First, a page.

Monday, December 7, 2009

Sierra Nevada - Dogfish Head Life and Limb review

Sierra Nevada Dogfish Head Life and LimbOn a recent beer run, I had the fortune of spotting a bottle of the newly released collaboration beer from Sierra Nevada of California and Dogfish Head Craft Brewery of Delaware called Life and Limb. This beer's hype had preceded itself before I found the bottle and I couldn't pass up the chance to sample one.

I'm a big fan of most things from Dogfish Head and Sierra Nevada and when I heard from my fellow beer friends like Ashley the Beer Wench and Taylor (@TheArtofBeer) that they had sampled some of this American Strong Ale and enjoyed it. Apparently it was a hit at the San Diego Beer Week. I simply had to try some.

Life and Limb was made with two different kinds of tree syrup. One was maple syrup from Massachusetts and the other was birch syrup from Alaska. Sam Calagione's family owns the farm where the maple syrup was made so it makes this a more personal brew for him.

With all of this thick syrup in the batch, I wondered just how sweet this beer would end up. In addition, Sierra Nevada put in 2-row pale malt along with some Chocolate and Carafa malts (both dark and roasty). The brew was bittered with Bravo hops for bitterness and Sterling and Perle hops for flavor and aroma and gave the brew a 50 IBU bitterness rating.

Appearance: Contrary to other reports, this beer doesn't pour black. It's certainly dark but I could see half-way through this beer. It had plenty of mahogany edges around the sides of the glass. The foam built up rather quickly and actually overflowed my glass when I was pouring. I had to let the foam settle down a bit before it could fill the glass.

The head itself was a light tan color and when swirled left a very nice lacing that seemed to coat most of the glass.

There was a load hiss when opened. Life and Limb was bottle conditioned with the birch syrup so that the yeast inside had plenty to eat.

Aroma: I could definitely pick up on the maple syrup in the nose right away. It also had a noticeable scent of alcohol as it should since it weighs in at 10.2% ABV. It reminded me a bit of a Barleywine. Along with the sweetness in the aroma I could pick out a slight roastiness from the dark malts and a touch of spice from the hops.

Mouthfeel: Almost instantly, Life and Limb covered my mouth with a creamy sensation. The brew was rather smooth going down as well. I got a nice coating across my tongue that lingered. There was a bit of dryness that came in mid-palate.

Life and Limb wasn't as carbonated as I thought it was, but it was far from being flat. I got a slight bitter finish at the end as well.

Taste: My first reaction was that Life and Limb was a high octane version of a brown ale. It wasn't as roasty as the beer might indicate. The sweet syrup was noticeable throughout along with a slight alcohol bite. I could also pick up on the spiciness that the hops added to this beer as well.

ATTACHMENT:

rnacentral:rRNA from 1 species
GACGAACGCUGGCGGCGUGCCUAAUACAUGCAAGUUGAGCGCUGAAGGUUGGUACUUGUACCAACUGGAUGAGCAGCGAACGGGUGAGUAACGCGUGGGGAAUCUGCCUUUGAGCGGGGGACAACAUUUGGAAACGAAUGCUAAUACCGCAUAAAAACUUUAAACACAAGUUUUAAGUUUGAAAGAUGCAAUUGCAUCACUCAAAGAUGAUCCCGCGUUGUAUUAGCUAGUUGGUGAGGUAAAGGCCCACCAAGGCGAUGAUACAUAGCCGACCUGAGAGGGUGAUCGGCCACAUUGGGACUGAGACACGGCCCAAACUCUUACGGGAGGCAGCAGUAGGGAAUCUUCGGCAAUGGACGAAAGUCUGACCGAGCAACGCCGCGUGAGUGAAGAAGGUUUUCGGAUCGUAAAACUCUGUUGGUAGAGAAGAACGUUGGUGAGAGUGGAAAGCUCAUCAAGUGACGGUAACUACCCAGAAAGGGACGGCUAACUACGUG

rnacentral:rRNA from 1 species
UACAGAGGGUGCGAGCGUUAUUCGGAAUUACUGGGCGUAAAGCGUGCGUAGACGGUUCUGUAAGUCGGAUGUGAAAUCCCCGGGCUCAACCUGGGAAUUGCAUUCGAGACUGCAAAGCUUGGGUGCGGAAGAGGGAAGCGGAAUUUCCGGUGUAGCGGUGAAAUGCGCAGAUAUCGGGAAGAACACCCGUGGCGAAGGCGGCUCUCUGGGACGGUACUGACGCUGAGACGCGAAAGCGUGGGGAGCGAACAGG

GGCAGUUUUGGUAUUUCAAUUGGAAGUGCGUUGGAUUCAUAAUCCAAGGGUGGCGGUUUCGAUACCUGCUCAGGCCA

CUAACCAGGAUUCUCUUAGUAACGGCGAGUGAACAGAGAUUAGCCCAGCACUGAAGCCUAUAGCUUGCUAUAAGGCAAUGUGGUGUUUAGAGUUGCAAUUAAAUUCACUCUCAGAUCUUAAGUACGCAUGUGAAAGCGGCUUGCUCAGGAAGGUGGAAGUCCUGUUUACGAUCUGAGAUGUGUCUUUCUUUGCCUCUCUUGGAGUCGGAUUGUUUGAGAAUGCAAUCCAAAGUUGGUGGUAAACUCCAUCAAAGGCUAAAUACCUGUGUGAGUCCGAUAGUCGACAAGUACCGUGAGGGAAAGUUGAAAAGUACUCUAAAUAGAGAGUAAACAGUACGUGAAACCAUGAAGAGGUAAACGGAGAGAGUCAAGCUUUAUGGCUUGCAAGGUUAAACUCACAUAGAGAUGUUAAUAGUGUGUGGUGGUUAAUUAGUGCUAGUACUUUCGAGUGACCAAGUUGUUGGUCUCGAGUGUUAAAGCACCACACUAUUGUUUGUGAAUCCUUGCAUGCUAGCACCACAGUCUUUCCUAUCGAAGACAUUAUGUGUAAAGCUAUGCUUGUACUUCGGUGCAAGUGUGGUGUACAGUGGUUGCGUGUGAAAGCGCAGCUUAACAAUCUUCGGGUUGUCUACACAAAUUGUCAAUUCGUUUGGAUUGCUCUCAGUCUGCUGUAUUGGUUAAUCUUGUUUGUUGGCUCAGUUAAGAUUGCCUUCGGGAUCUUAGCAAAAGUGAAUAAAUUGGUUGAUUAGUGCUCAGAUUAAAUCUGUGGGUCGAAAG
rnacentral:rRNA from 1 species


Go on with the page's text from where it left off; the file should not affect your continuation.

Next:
Still, I felt it was a bit on the sweet side at first. But as I always recommend, I had to keep sampling this beer in order to bring out the true character of the beer. All too often, a beer is judged completely with only an ounce or two of sampling. With this beer, you need to have at least 6oz or more in order to truly appreciate it's complexity.

The sampling quickly evolved from a sweet and mildly spicy beer to a smooth and creamy Yum! The dark malts are mixed well with the syrup as to hide some of the dark roastiness. The syrup levels were done just about right. They stopped just shy of having a bit too much sweetness in the brew.

Overall: At first, I thought Life and Limb was going to be like an un-aged Barleywine. It was strong and potent up front but soon mellowed out into a very smooth and slow drinker. It was very warming - perfect for a snowy winter night.

Sierra Nevada and Dogfish Head put out a wonderful one of a kind beer that I'd definitely want to have again. They even put up a special web site that describes everything they did to create this beer.

Supposedly, this beer was designed to age for many years. I might just pick up another bottle or two and put it away for a few years. I hope they decide to make this beer again as it would be interesting to do a vertical tasting of this down the road. One of these in a night is plenty. It comes in a large 24oz bottle.

Related articles:
- Dogfish Head World Wide Stout review.
- Dogfish Head Festina Peche review.
- Dogfish Head 90 Minute Imperial IPA review.

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